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Everything you need to know about the Vienna Convention, Montreal Protocol-Technology News, Firstpost



This year the theme of the International Day for the Preservation of the Ozone Layer is “Ozone for Life: 35 Years of Protecting the Ozone Layer”. This is because 2020 will be the 35th anniversary of the creation of the Vienna Convention on the Protection of the Ozone Layer.

The agreement was signed in 1

885 and was the first agreement of any kind to be signed by every country involved. It is considered the architect behind the standards that were set up to protect the ozone layer. It was the first time world leaders recognized the importance of the ozone layer and the rapid pace of its depletion.

    International Ozone Day: Everything you need to know about the Vienna Convention and the Montreal Protocol

The Vienna Convention was then strengthened by the Montreal Protocol, which called for strict measures to control global production and consumption of substances used to deplete the ozone layer. Photo credit: UN

The UN General Assembly had September 16 International Day for the Preservation of the Ozone Layer since then it has been observed annually.

The Vienna Convention was then strengthened by the Montreal Protocol, which called for strict measures to control global production and consumption of substances used to deplete the ozone layer. The protocol called for the control of nearly 100 chemicals as well September 16 was chosen to commemorate the day 1987, when the “Montreal Protocol on Substances that Deplete the Ozone Layer” was signed.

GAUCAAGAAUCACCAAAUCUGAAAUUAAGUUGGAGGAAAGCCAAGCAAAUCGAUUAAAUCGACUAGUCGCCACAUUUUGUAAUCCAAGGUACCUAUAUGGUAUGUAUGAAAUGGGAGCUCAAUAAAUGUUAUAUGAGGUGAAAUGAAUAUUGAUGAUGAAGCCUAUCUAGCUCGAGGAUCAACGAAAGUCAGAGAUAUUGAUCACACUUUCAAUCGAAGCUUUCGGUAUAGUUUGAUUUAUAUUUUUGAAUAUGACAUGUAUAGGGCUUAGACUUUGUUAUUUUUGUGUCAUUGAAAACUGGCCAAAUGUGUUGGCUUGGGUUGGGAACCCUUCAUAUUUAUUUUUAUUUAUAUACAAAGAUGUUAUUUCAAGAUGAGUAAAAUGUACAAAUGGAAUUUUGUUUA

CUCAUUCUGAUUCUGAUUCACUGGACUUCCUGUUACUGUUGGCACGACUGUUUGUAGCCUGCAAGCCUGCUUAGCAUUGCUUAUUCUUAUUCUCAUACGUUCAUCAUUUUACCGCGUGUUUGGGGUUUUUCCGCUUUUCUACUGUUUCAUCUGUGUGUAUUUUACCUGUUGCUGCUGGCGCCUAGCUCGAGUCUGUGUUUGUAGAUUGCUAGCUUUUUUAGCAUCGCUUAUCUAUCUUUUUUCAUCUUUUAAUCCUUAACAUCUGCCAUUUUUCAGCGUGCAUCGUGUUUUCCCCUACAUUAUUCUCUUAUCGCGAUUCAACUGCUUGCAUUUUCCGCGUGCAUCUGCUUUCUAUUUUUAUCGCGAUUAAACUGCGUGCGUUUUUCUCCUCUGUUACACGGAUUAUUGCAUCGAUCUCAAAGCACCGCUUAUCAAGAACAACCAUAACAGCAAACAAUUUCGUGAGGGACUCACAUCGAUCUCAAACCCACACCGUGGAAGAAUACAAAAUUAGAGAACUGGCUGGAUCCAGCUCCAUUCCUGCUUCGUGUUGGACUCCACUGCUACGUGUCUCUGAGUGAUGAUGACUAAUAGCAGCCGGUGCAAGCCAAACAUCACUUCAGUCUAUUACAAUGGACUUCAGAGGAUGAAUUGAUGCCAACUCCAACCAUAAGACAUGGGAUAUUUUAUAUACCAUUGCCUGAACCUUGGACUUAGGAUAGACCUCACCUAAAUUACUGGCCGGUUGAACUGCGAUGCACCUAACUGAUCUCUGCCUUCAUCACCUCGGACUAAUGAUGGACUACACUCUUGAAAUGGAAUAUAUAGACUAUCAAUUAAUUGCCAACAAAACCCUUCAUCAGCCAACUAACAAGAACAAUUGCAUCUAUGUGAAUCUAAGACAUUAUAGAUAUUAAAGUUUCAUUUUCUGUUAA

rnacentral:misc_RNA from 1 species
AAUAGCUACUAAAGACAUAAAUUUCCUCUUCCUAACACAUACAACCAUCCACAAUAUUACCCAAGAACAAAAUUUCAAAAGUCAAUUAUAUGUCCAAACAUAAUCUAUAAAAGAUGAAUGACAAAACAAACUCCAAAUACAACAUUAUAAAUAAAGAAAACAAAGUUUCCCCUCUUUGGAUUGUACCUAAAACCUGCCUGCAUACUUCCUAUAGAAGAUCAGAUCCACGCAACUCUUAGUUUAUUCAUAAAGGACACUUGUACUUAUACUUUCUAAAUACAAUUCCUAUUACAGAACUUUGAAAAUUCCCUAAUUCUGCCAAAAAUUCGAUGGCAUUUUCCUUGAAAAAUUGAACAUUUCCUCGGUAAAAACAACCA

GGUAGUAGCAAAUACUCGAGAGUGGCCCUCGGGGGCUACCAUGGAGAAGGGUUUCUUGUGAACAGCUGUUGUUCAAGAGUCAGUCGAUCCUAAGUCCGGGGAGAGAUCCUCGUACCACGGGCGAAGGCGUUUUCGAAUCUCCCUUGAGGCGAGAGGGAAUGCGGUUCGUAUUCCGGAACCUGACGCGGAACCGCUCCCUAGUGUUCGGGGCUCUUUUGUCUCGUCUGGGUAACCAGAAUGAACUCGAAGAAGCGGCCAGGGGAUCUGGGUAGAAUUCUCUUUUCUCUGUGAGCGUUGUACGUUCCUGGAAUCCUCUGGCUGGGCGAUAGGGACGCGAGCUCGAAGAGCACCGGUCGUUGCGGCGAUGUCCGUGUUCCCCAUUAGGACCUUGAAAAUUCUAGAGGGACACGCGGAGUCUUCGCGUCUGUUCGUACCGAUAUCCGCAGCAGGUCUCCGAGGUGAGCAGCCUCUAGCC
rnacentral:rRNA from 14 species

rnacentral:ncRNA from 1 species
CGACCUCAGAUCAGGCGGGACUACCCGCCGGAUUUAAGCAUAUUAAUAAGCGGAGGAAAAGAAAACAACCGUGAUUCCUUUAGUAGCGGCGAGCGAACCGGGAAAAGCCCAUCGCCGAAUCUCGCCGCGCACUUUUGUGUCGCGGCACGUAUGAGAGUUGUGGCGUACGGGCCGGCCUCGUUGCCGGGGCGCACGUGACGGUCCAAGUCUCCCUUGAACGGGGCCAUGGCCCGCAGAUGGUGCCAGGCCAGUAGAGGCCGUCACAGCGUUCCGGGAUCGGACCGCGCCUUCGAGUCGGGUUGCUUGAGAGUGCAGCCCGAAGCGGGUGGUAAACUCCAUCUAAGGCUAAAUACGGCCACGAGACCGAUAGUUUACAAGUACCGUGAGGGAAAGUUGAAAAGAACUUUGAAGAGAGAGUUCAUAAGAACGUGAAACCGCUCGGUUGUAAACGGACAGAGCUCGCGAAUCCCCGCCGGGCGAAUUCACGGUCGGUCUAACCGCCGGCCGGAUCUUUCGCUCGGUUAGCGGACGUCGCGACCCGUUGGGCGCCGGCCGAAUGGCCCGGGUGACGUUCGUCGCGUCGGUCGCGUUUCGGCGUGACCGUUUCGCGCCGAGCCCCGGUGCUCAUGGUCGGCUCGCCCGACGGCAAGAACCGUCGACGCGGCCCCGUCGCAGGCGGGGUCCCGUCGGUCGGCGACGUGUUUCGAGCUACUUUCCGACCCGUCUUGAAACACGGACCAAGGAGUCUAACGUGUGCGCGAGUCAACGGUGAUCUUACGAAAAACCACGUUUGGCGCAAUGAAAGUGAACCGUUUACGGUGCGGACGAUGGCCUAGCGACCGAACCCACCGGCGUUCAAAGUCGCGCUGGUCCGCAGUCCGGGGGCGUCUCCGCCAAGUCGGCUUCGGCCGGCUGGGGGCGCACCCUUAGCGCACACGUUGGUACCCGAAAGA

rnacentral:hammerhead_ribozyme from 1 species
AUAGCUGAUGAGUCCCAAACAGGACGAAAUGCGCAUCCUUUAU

Inger Anderson, Executive Director of the United Nations Environment Program (UNEP), spoke in an official video about the importance of the Vienna Convention and the Montreal Protocol.

He said, “[Vienna] The Convention and its Montreal Protocol united the world to cut out the gases and create a hole in the planet’s ozone layer that protects us from deadly UV radiation. This model of international cooperation has put the ozone layer on the path to recovery and protected human and ecosystem health. “

The director pointed out that this demonstration of global trust and cooperation is needed in the current COVID-19 era to address “loss of nature, climate change and pollution” and an ongoing pandemic situation.

He also praised the Kigali amendment to the Montreal Protocol, which allowed 100 nations to ratify it. At the 28th meeting of the contracting parties on October 15, 2016 in Kigali, Rwanda, it was decided to phase out the production and use of fluorocarbons (HFCs).




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